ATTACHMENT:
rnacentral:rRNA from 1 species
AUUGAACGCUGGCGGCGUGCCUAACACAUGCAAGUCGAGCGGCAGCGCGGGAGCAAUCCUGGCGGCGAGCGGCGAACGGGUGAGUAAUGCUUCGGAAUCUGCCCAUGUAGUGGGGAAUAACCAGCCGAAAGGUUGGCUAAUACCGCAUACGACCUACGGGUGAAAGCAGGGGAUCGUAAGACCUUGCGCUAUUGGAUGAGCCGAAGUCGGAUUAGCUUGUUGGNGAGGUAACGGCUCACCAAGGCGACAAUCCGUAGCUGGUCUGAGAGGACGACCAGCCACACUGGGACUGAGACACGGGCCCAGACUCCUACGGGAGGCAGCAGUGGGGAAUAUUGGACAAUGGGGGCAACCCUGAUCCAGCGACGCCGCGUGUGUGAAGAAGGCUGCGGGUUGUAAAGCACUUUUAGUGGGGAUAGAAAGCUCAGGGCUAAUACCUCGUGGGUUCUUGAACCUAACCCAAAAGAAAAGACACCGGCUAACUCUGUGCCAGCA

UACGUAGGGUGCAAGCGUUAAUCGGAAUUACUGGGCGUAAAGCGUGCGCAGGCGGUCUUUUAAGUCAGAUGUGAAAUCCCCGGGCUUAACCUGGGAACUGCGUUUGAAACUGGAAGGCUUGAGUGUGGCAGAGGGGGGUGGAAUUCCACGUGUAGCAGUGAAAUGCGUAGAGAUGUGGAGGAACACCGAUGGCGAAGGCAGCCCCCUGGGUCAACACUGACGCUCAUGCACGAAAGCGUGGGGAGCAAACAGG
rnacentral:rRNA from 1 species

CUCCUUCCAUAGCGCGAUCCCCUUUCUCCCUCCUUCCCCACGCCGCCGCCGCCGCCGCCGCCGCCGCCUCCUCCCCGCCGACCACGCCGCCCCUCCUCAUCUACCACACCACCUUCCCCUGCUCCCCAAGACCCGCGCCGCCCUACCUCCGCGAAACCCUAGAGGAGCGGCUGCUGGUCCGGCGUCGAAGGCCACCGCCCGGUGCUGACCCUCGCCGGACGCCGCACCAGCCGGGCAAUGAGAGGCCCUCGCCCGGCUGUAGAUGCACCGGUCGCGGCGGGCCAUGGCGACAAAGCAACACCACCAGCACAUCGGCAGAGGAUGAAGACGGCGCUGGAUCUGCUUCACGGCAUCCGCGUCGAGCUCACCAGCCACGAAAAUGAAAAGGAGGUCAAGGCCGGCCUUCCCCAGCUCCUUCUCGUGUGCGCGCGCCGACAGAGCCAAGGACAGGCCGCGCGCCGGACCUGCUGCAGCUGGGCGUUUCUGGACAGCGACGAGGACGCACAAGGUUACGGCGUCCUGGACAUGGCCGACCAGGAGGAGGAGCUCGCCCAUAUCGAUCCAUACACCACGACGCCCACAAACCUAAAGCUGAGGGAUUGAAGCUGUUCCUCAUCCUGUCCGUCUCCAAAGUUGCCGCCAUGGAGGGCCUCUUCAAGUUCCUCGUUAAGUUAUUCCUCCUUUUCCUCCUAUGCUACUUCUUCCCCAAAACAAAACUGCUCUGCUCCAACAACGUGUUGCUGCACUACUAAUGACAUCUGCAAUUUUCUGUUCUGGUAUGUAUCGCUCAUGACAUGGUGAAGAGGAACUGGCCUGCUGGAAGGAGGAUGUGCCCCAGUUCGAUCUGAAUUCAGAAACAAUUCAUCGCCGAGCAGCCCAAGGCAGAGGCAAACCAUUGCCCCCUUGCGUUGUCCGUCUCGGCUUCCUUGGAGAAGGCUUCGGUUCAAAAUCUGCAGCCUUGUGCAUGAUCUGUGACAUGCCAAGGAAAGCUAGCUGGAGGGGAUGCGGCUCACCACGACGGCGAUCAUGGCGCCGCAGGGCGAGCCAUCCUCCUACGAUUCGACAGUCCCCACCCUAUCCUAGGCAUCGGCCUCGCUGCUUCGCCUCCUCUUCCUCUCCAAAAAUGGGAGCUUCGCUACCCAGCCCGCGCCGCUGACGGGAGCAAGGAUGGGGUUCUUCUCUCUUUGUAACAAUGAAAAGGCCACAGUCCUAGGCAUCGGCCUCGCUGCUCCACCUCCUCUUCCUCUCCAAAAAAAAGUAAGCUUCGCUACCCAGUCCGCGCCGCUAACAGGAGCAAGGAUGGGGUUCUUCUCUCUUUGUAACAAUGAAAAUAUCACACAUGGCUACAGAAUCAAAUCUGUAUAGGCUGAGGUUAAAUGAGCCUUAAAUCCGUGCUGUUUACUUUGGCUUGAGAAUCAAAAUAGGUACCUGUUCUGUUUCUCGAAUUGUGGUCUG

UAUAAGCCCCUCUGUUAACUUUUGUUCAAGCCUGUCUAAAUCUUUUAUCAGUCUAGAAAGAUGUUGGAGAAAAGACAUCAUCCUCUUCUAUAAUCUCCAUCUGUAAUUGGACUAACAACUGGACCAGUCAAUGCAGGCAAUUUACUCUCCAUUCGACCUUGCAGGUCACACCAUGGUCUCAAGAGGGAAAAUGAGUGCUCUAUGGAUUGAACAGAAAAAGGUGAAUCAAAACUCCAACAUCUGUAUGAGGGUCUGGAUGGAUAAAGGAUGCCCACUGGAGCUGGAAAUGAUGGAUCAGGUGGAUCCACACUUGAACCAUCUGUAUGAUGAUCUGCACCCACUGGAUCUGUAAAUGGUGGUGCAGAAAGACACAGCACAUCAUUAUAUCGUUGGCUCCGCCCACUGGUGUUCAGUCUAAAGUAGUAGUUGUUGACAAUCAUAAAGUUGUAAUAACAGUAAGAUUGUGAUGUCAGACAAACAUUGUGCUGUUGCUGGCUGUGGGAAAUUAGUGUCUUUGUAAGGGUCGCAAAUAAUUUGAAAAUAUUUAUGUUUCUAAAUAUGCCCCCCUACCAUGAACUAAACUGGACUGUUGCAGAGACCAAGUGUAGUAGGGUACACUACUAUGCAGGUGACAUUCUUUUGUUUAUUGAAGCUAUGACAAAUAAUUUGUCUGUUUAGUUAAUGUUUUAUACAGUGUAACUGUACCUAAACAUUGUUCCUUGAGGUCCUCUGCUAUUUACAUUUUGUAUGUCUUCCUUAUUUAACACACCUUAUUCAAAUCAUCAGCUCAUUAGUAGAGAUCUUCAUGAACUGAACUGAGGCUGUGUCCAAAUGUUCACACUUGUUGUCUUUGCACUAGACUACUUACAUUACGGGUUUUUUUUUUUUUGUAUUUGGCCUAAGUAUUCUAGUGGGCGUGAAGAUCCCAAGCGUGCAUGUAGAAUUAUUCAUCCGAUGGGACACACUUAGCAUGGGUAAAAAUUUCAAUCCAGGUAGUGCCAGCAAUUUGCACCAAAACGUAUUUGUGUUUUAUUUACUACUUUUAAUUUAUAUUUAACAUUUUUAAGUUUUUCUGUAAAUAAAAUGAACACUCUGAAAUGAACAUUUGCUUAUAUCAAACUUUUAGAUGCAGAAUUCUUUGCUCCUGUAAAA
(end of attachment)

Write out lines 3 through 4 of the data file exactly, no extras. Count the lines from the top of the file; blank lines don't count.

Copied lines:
UACGUAGGGUGCAAGCGUUAAUCGGAAUUACUGGGCGUAAAGCGUGCGCAGGCGGUCUUUUAAGUCAGAUGUGAAAUCCCCGGGCUUAACCUGGGAACUGCGUUUGAAACUGGAAGGCUUGAGUGUGGCAGAGGGGGGUGGAAUUCCACGUGUAGCAGUGAAAUGCGUAGAGAUGUGGAGGAACACCGAUGGCGAAGGCAGCCCCCUGGGUCAACACUGACGCUCAUGCACGAAAGCGUGGGGAGCAAACAGG
rnacentral:rRNA from 1 species